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Landowners considering planting trees need to question whether the benefits to their overall farming business are greater with the land in trees or in its existing use, RaboResearch sustainability analyst Blake Holgate says.
Government policy changes in forestry and climate change would make forestry a more appealing land-use option for some landowners. However, they should carefully consider a range of financial, strategic and environmental issues to ensure they made informed decisions, a new report by Rabobank said.
Mr Holgate, the report's author, said there was ``no one-size-fits-all'' approach when deciding whether to plant trees.
It was important landowners gathered the appropriate information and sought expert advice to ensure the long-term implications of planting were well understood and any planting was done in the right place, with the right species for the right purpose.
New planting incentives from the Government included funding under the One Billion Trees programme, along with changes to how forestry earned and repaid carbon credits under the Emissions Trading Scheme, which had lowered establishment costs and provided greater clarity for landowners considering entering the carbon market.
Since the inclusion of forestry within the ETS in 2008, landowners had the opportunity to generate revenue from the carbon sequestered by trees planted after December 31, 1989.
Weak carbon-price signals and ongoing climate-change policy uncertainty meant landowners had generally been reluctant to register existing forest land or plant new land in forestry. However, new government initiatives were likely to encourage new planting, the report said.
For some landowners, it might be a chance to get an economic return from large areas of previously non-productive land.
However, for the majority of landowners, recent policy developments would provide them with an opportunity to identify and capitalise on planting incentives by planting trees that would integrate with, and add value to, their farming system.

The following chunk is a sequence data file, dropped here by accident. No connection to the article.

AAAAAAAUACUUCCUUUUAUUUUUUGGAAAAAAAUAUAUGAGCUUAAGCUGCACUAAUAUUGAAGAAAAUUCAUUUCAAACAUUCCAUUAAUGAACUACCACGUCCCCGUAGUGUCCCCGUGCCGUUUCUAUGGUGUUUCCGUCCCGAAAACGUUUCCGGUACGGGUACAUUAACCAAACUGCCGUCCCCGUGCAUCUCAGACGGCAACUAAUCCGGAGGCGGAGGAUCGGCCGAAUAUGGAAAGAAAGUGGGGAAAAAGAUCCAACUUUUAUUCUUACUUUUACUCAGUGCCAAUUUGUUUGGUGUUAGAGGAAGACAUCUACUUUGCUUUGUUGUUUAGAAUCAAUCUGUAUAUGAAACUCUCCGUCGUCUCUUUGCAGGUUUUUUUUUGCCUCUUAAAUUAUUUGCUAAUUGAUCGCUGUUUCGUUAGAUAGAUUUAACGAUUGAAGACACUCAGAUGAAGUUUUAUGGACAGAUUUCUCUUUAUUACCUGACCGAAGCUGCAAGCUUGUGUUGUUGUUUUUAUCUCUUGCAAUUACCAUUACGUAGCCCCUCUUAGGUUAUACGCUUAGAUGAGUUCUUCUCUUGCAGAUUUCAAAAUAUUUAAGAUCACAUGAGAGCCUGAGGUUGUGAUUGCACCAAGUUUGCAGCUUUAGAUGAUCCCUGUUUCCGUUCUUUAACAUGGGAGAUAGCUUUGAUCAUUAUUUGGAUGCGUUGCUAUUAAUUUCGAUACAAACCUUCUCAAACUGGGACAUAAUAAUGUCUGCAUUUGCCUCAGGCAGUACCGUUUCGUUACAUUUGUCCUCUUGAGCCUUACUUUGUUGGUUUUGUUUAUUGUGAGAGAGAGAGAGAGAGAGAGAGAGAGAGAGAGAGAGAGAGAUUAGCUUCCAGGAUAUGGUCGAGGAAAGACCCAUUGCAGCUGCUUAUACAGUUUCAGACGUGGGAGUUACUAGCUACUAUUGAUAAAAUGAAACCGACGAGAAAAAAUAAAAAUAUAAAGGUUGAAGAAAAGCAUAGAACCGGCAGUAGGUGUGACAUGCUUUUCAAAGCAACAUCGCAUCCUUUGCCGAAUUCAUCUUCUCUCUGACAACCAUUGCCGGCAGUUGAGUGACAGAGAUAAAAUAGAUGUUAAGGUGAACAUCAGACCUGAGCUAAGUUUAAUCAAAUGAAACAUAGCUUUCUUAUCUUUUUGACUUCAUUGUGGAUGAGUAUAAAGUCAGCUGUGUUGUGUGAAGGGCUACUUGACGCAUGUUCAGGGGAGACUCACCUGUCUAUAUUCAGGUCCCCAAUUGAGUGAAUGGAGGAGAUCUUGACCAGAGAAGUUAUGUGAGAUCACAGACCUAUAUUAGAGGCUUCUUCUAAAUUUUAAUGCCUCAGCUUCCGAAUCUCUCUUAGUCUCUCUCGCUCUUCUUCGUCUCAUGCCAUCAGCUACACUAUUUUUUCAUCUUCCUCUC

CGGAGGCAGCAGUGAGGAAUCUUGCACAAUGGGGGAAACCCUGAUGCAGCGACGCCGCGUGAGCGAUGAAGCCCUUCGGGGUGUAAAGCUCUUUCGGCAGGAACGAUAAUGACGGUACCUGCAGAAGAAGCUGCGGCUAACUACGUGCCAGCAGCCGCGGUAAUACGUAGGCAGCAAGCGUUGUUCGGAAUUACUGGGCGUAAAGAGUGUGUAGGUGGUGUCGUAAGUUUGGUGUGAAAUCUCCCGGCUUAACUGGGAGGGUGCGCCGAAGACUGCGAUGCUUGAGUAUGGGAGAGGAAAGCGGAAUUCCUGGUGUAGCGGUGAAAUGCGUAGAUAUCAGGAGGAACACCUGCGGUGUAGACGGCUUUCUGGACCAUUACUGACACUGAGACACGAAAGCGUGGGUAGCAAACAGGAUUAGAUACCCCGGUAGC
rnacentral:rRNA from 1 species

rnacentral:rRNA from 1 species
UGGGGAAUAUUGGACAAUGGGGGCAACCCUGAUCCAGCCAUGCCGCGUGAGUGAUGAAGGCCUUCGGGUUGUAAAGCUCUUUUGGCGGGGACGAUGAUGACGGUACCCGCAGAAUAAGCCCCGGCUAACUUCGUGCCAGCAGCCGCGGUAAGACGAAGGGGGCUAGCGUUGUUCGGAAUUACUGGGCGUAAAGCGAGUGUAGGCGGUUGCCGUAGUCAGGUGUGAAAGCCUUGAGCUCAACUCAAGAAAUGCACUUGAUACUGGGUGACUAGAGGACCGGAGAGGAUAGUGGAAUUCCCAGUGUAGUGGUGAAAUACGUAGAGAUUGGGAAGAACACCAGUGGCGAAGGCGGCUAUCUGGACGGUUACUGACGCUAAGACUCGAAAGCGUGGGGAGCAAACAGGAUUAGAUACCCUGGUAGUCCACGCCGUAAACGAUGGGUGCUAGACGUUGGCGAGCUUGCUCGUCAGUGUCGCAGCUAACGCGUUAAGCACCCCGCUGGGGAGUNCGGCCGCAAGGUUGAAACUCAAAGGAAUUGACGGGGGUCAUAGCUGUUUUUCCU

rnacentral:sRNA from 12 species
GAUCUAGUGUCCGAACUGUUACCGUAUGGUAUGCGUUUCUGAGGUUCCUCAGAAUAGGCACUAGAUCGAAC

The opportunities that forestry represented for individual landowners would vary widely. For those operating high-value land uses such as dairying, there might be very little, or no, net benefit to planting trees on their property.
There would be other landowners with operations that spanned a range of land classes, possibly including a small percentage of land that was relatively non-productive, where trees could be planted without a meaningful impact on the farm system.
For other landowners, forestry would provide an opportunity to generate income from large areas of land that had previous effectively generated very little economic benefit.
Another income available to landowners after planting trees was from producing and selling manuka honey.
Manuka honey was sold at a premium to most other types of honey. Its production had grown steadily, hive numbers increasing at 10% per year since 2007, and it accounted for the majority of New Zealand's $350 million of honey exports.
Under the Government's direct landowner grant, landowners were entitled to $1800/ha planted for manuka plantations of 5ha-300ha.
While specific conditions and knowledge were required to produce manuka honey, that grant provided a strong incentive for those with suitable land to investigate its potential, the report said.